Many of our ancient sites are in plain view close to roads, others lie hidden in the depths of the countryside and require significant effort to visit. Those that are easy to reach often suffer from wear and tear. The erosion on the banks at Avebury come to mind, as do measures to prevent erosion such as the less than seemly fences and path at Stonehenge – which are a constant reminder of the cleft stick the authorities are in when sites get too popular. Should they be disfigured by footfall or disfigured by measures to prevent them being disfigured?
Some years ago, when working on a voluntary basis for the Pagan Federation I had an idea for a small booklet that could be used to raise some funds. The booklet was to be a collaborative effort called ‘A Guide to Ancient Sacred Sites’ and was to take the form of a gazetteer. The Pagan Federation is formed into Districts and Regions, and I contacted various people around the Districts to get some information about the sites in their areas.
To my astonishment, although many thought it was a good idea – several said it would be a good help to Pagans on their travels – most did not want their own local sites included, and said they could not support the project if such-and-such a site were listed. They were largely happy for the sites already overrun by tourists to be included, but not the ones they considered ‘special’. This was against my concept of the project, which thus never got off the ground, and the booklet outline lies unused, hidden in the depths of my hard drive backups.
Now leaving aside the lay view that our ancient heritage sites cannot be considered ‘sacred’ as in many cases we have no definitive proof of how they were used, the question arises of how much should the sites be advertised to the general public?
There is no doubt that one of our chief remits here at Heritage Action is to bring ancient sites to the attention of the public so that an awareness of our past heritage can enrich our lives. But there is a delicate balance for many sites between neglect and over-use. For instance, I was surprised to note on a recent visit to Boscawen-Un that tramlines are starting to appear around the circle, from the number of visitors permabulating both inside and outside the circle. I have noticed a similar problem at the nearby Merry Maidens. Many years ago, when I first visited Boscaswen Un circle, the stones were barely visible above the gorse:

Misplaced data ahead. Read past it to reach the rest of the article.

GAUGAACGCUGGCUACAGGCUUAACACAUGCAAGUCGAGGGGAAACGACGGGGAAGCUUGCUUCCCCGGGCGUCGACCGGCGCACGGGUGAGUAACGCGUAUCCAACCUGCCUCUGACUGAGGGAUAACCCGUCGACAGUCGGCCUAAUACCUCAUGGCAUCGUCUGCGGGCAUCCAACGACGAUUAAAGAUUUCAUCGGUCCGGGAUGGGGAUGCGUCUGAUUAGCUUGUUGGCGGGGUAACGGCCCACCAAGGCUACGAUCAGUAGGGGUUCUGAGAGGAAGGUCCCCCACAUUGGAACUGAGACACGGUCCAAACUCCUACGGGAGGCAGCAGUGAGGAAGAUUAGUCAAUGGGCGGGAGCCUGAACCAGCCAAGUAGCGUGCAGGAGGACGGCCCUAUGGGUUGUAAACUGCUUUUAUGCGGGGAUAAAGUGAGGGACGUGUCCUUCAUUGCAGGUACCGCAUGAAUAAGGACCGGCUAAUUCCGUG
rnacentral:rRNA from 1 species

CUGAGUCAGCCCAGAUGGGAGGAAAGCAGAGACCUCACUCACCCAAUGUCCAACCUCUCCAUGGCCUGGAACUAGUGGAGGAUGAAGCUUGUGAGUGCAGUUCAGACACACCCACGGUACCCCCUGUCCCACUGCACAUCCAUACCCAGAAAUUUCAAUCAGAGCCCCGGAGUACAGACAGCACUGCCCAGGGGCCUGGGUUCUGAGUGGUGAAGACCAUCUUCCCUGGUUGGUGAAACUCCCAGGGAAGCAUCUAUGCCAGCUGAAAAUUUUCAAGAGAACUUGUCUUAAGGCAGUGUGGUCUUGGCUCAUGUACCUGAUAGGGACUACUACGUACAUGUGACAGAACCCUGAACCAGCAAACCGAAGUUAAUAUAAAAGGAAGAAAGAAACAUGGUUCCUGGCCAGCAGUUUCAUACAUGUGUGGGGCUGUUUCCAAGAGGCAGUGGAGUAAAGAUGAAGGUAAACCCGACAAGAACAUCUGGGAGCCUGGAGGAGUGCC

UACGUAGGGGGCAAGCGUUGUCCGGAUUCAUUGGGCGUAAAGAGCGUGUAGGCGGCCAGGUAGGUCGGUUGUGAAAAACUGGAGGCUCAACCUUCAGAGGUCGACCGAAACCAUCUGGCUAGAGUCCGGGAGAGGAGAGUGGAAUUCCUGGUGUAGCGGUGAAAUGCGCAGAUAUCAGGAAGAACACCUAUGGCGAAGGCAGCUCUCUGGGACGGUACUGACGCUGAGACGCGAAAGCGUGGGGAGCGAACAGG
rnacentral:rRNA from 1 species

Largely thanks to the ground clearance efforts of CASPN the picture is much different now, the circle is festooned with bluebells in the summer, but note the ‘tracking’ in the grass which is starting to appear:
I visit this circle several times a year, and it is now rare that I have the place to myself unless the weather is inclement – a major factor being that a signpost is now visible on the nearby A30, and paths have been cleared through the gorse and bracken to the north, making access that much easier.
Is this a good thing? In some ways yes, in that many more people can enjoy the genus loci of this wonderful circle, but the impending issue of erosion is a worrying one. The tenet “take nothing but photographs, leave nothing but footprints” is becoming a potentially damaging one, and maybe it’s time to come up with something new? “Visit, but leave as few footprints as possible“? Or do we just stop telling people that such places exist?
…but then society would be the loser, as a knowledge of our past affects us all in more ways than we can imagine – but that’s a topic for a future post.